In the final issue of the HOUSE OF M tie-in, it’s SHIELD vs. the Human Resistance, Magneto vs. Quicksilver, and… Namor vs. everyone…?

HOUSE OF M (2015) #4 by Dennis Hopeless, Cullen Bunn and Ario Anindito!

In the final issue of the SECRET WARS tie-in centered around a world where one of the X-Men’s most dangerous enemies/members finally goes monarch, Magnus has to break into the very prisons he set up for people born without the X-Gene or people who oppose his philosophy. During the process, our main character is being reminded of how it feels to be a regular human being instead of a mutant leader, forced to cooperate with a species he despises. After the prison break, a fight between S.H.I.E.L.D. and the remaining human rebels unleashes that allows Magnus to take back his castle and finally resolve the conflict within his family…

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I initially didn’t expect this book to be wrapped up with the fourth issue. It definitely feels as if the writers would have been able to finish their story in way that feels more complete had they had another 22 pages. Even though I enjoyed the final showdown between the conflicting parties and I wouldn’t necessarily say that scene felt rushed, the confrontation between father and son is not really satisfying. In the previous issue, the confrontation between Wanda and his brother felt like the turning point of the story, with Wanda being an important key figure in this conflict and the control over her powers and emotions being an important motif in the book. In this issue, her side plot is just totally ignored, and she is being turned into some kind of damsel in distress kind of character, literally sleeping during the entire comic.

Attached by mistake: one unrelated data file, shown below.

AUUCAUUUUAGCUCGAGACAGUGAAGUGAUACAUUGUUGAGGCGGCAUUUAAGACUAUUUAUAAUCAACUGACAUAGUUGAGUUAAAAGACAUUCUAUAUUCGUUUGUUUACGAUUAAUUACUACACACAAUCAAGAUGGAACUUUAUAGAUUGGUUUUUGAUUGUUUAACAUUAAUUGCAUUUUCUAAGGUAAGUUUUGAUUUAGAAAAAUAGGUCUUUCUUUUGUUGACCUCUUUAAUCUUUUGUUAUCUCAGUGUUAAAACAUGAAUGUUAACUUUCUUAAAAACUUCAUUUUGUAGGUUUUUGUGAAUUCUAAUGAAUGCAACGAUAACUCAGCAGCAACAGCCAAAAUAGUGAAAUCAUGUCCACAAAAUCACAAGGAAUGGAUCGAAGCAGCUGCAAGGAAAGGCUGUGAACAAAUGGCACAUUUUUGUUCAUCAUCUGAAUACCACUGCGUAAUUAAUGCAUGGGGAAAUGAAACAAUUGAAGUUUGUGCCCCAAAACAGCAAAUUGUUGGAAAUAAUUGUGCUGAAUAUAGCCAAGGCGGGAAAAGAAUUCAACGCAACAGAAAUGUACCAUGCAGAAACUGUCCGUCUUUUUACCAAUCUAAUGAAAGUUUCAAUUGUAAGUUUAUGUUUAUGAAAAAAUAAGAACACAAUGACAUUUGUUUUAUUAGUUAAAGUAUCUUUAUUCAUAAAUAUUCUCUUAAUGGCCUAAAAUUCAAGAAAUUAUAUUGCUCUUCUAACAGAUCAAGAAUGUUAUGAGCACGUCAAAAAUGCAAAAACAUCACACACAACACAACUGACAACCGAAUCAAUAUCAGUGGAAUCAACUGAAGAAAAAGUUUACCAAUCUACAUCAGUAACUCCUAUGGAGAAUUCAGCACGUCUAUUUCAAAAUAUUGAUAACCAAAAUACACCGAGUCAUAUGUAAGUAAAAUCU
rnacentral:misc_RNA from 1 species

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She’s not the only character that doesn’t get enough spotlight in the story’s finale. And I’m especially talking human characters such as Deathlocket and Misty. Overall, the subplot about Magneto and the relationship to the human rebels felt a bit rushed towards the end. Actually, rushed is a pretty good word to describe the entire issue, since it’s more fast-paced than the previous chapters, and you can definitely feel how the creators needed to pack in way too many plot elements for 22 pages.

Something the creators definitely succeeded at, though, was developing their main character. Cullen Bunn is, as mentioned in my last review, already experienced at writing books centered on the character of Magneto, and he really understands the gist of the character here and yet manages to develop him, in a way. Magnus acts extremely in character and believable when it comes to his decisions about the human rebels, because he still sticks to his – questionable – principles. This also gave the creator a nice opportunity to wrap up the Speed/Wiccan side plot in a very nice way, and I’m pretty impressed by that. Also, the similarities between the first scene in #1 and the last scene in #4 put a nice framing around the story that showcases his development: what Magnus experienced during these few days, the events that brought back the excitement of the old days, made him realize how much he loves being a king.

READ: In case you missed it, here’s my review of HOUSE OF M #3!

The art in this issue is neither really good, nor especially bad. Though some facial expressions look unintentionally funny and I feel like, overall, color artist Matt Wilson could have done a better job at making the world seem brighter and more colorful in order to remind the reader of how this reality looked during the original event. Overall, the art is OK, though.

After all, HOUSE OF M #4 only partially manages to wrap up the book’s story and feels really rushed, but convinces with its great depiction of Magneto. And it makes me even more curious to read Bunn’s and Hopeless’ upcoming X-Men titles.

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